Summary: I believe there are four reasons that we need revival as a church and individually – our eyes have been distracted, our hearts have become discouraged, our joy has been diminished, and our work has been disrupted
Why We Need Revival
Revival is the giving of a new breath of life to that which is either waning or has ceased to breathe. Revival is a visitation of God which brings renewed life to Christians who have been sleeping, restoring them, producing a deep sense of God's near presence and holiness, real joy, purpose and a reenergized zeal. I believe there are four reasons that we need revival as a church and individually – our eyes have been distracted, our hearts have become discouraged, our joy has been diminished, and our work has been disrupted.
I. We need revival because our eyes have been distracted.
A. Life has so many distractions that catch our eyes, our attention, our minds, and our hearts causing us to lose sight of what is important and what ought to be our priority.
B. Psalm 119:37 “Turn away my eyes from looking at worthless things, and revive me in Your way.”
C. In her book A Practical Guide to Prayer, Dorothy Haskins tells about a noted concert violinist who was asked the secret of her mastery of the instrument. The woman answered the question with two words: "Planned neglect." Then she explained. "There were many things that used to demand my time. When I went to my room after breakfast, I made my bed, straightened the room, dusted, and did whatever seemed necessary. When I finished my work, I turned to my violin practice. That system prevented me from accomplishing what I should on the violin. So I reversed things. I deliberately planned to neglect everything else until my practice period was complete. And that program of planned neglect is the secret of my success." Daily Bread.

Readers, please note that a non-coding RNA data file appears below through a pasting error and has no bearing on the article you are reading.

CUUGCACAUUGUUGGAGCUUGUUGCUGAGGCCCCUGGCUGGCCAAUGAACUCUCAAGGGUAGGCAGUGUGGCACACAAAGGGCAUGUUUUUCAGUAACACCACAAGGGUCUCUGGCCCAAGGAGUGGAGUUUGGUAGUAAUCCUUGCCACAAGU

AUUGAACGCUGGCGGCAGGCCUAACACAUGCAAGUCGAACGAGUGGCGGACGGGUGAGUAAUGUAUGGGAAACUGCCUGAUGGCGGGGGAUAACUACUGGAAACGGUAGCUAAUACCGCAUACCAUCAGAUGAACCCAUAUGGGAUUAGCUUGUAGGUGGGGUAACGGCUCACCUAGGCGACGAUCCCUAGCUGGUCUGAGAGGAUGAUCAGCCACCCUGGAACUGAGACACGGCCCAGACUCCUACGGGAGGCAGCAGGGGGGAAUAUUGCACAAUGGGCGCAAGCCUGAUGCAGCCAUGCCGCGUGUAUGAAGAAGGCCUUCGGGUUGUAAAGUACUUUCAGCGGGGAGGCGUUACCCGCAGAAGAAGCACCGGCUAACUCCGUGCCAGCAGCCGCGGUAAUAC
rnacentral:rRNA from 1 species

D. Psalms 101:3 “I will set nothing wicked before my eyes; I hate the work of those who fall away; It shall not cling to me.”
E. There is an old legend of a swan and a crane. A beautiful swan was perched by the banks of the water in which a crane was wading about seeking snails. For a few moments the crane viewed the swan in mindless wonder and then inquired: "Where do you come from?"
"I come from heaven!" replied the swan.
"And where is heaven?" asked the crane.
"Heaven!" said the swan, "Heaven! Have you never heard of heaven?" And the beautiful bird went on to describe the grandeur of the Eternal City. She told of streets of gold, and the gates and walls made of precious stones; of the river of life, pure as crystal, upon whose banks is the tree whose leaves shall be for the healing of the nations. In eloquent terms the swan sought to describe the hosts who live in the other world, but without arousing the slightest interest on the part of the crane.
Finally the crane asked: "Are there any snails there?"
"Snails!" repeated the swan; "no! Of course there are not."
"Then," said the crane, as it continued its search along the slimy banks of the pool, "you can have your heaven. I want snails!"
This fable has a deep truth underlying it. How many a young person to whom God has granted the advantages of a Christian home, has turned his back upon it and searched for snails! How many a man will sacrifice his wife, his family, his all, for the snails of sin! How many a girl has deliberately turned from the love of parents and home to learn too late that heaven has been forfeited for snails! - Moody's Anecdotes, pp. 125-126.